12 Questions About Non-Binary Gender Identity You've Been Afraid To Ask, And Real Answers
For the uninitiated, it can be incredibly daunting to even consider the topic of gender identity, and what defines someone's gender. Thanks to awesome communities online and off, those of us who do not identify with the two traditionally acceptable genders – male and female – now have tons of useful labels and abbreviations to help us better describe our individual identities. However, for those outside the community, these labels can be overwhelming. Cisgendered people might not understand what terms like "dfab" (designated female at birth) or "bigender" (identifying as two genders) mean, and while there are a good number of people who do the extra work to look these terms up, there are many others who are unable or unwilling to do so for a variety of reasons.
For non-binary folks — people whose gender identities don't fall squarely within the traditional definitions of "male" or "female" — encounters with these people often take the form of unwanted and awkward questions that can make them feel vulnerable or unsafe. Given that it is no one person’s responsibility to explain their gender identity to anyone, this can be an uncomfortable situation for everyone involved. But, that doesn’t change the fact that there are people who want answers. So, it is up to those of us (who are willing) to create as many resources as possible for people both in and outside of the community, so they can better learn our language and therefore better respect our identities.
So, to the best of my ability as one person who identifies within the non-binary spectrum, here are some of the most common questions asked about non-binary folks and their answers.
What is gender?
Let's start with the basics, because the questions we assume we know the answer to are often the ones we never ask, and the misunderstandings just grow from there. Our understanding what gender, and what defines it, and how it's expressed, is constantly evolving. This can be disorienting for everyone, but is ultimately a great thing because, in theory, it will lead to more people having access to a wider range of language and widely recognized identities that work for who they actually are (as opposed to trying to bend their authentic selves to fit into a painfully narrow, outdated range of overly simplistic gender options). According to the World Health Organization, gender is “socially constructed roles, behaviors, activities, and attributes that a given society considers appropriate for men and women.” Gender is different from sex in that it has no intrinsic link to anatomy. What’s in your pants does not necessarily dictate how you feel or choose to identify.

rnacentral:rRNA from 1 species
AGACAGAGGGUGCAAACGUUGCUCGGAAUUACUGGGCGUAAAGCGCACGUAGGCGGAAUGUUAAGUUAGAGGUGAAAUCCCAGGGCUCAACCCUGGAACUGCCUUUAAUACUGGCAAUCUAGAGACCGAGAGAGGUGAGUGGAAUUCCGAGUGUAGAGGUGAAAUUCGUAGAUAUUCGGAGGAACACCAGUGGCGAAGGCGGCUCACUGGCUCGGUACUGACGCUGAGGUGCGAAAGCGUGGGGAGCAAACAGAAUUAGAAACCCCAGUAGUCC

What does “cisgender” mean?
Someone who is cisgender is someone who comfortably identifies with the gender associated with their biological sex. So, for example, if you were born biologically female and are comfortable identifiying as a woman, you are cisgender.
What does “transgender” mean?
Transgender is actually an umbrella term that houses many identities under it, including non-binary identities. However, in its most popular use, transgender refers to someone who identifies with the opposite or contrary gender to their sex. So, if you were born biologically male, but feel more comfortable identifying as female, you are transgender.
OK, so what do non-binary people identify as?
Again, the term “non-binary” is an umbrella term with a few different gender identities under it, but the most basic definition for this term is people who identify as neither male nor female. These people might identify as both ("bigender"), neither ("agender"), a mix between the two ("genderfluid"), or they can be unsure of their gender ("genderqueer"). I know it seems like a lot of words, but if we can remember all the Kardashians' names, we can commit this stuff to memory.
How do non-binary people dress?
It depends on the person! Not every non-binary person chooses to dress differently from their socially prescribed gender. For example, despite identifying as genderfluid, I am most comfortable presenting as my biological sex: female. For me, clothing does not play an important role in how I express my gender identity. However, for others, it is crucial. If you're starting to see a trend when it comes to people's identity where it becomes necessary to not make sweeping assumptions and instead treat each person as a completely unique being, then you're starting to get the idea.